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Cinnamon Feeding Blocks Development of Parkinson's Disease in Mouse Model

By BiotechDaily International staff writers
Posted on 22 Jul 2014
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Image: Molecular rendering of the crystal structure of parkin (Photo courtesy of Wikimedia Commons).
Image: Molecular rendering of the crystal structure of parkin (Photo courtesy of Wikimedia Commons).
A team of neurological researchers has identified a molecular mechanism by which cinnamon acts to protect neurons from damage caused by Parkinson's disease (PD) in a mouse model of the syndrome.

Investigators at Rush University (Chicago, IL, USA) have been exploring the novel use of cinnamon in upregulating the enzymes Parkin and DJ-1 and protecting dopaminergic neurons in the MPTP mouse model of PD. Recently they found that oral feeding of cinnamon (Cinnamonum verum) powder produced sodium benzoate (NaB) in the blood and brains of the mice.

Parkin is a protein which in humans is encoded by the PARK2 gene. The precise function of this protein is unknown; however, the protein is a component of a multiprotein E3 ubiquitin ligase complex which in turn is part of the ubiquitin-proteasome system that mediates the targeting of proteins for degradation. Mutations in this gene are known to cause a familial form of Parkinson's disease known as autosomal recessive juvenile Parkinson's disease (AR-JP). How loss of function of the parkin protein leads to dopaminergic cell death in this disease is unclear. The prevailing hypothesis is that parkin helps degrade one or more proteins toxic to dopaminergic neurons.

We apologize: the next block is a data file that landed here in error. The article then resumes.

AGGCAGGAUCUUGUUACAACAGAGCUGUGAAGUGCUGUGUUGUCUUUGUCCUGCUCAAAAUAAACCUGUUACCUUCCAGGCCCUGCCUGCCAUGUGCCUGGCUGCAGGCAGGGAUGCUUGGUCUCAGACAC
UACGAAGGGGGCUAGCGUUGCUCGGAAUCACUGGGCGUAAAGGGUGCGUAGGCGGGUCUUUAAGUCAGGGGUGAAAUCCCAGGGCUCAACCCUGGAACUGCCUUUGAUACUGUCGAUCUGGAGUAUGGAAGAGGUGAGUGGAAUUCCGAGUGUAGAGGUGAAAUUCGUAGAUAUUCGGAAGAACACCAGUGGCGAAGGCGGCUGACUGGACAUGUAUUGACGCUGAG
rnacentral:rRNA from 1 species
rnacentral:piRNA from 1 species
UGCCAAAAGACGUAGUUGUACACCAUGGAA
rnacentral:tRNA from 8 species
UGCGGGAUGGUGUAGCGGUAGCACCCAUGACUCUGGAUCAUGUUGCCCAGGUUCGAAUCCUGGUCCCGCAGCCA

DJ-1 is a protein which in humans is encoded by the PARK7 gene. DJ-1 belongs to the peptidase C56 family of proteins. It acts as a positive regulator of androgen receptor-dependent transcription. It may also function as a redox-sensitive chaperone, as a sensor for oxidative stress, and it apparently protects neurons against oxidative stress and cell death.

In the current study, which was published in the June 20, 2014, online edition of the Journal of Neuroimmune Pharmacology, the investigators found that the proinflammatory cytokine IL-1beta decreased the level of Parkin/DJ-1 in mouse astrocytes. However, the cinnamon metabolite NaB abrogated IL-1beta-induced loss of these proteins. These findings at the molecular level paralleled improved clinical appearance of the PD mice following cinnamon feeding.

“Understanding how the disease works is important to developing effective drugs that protect the brain and stop the progression of PD,” said senior author Dr. Kalipada Pahan, professor of neurology at Rush University. “It is known that some important proteins like Parkin and DJ-1 decrease in the brain of PD patients.”

“Cinnamon is metabolized in the liver to sodium benzoate, which is an FDA-approved drug used in the treatment for hepatic metabolic defects associated with hyperammonemia,” said Dr. Pahan. “Cinnamon has been used widely as a spice throughout the world for centuries and is also widely used as a food preservative due to its microbiocidal effect. This could potentially be one of the safest approaches to halt disease progression in Parkinson’s patients.”

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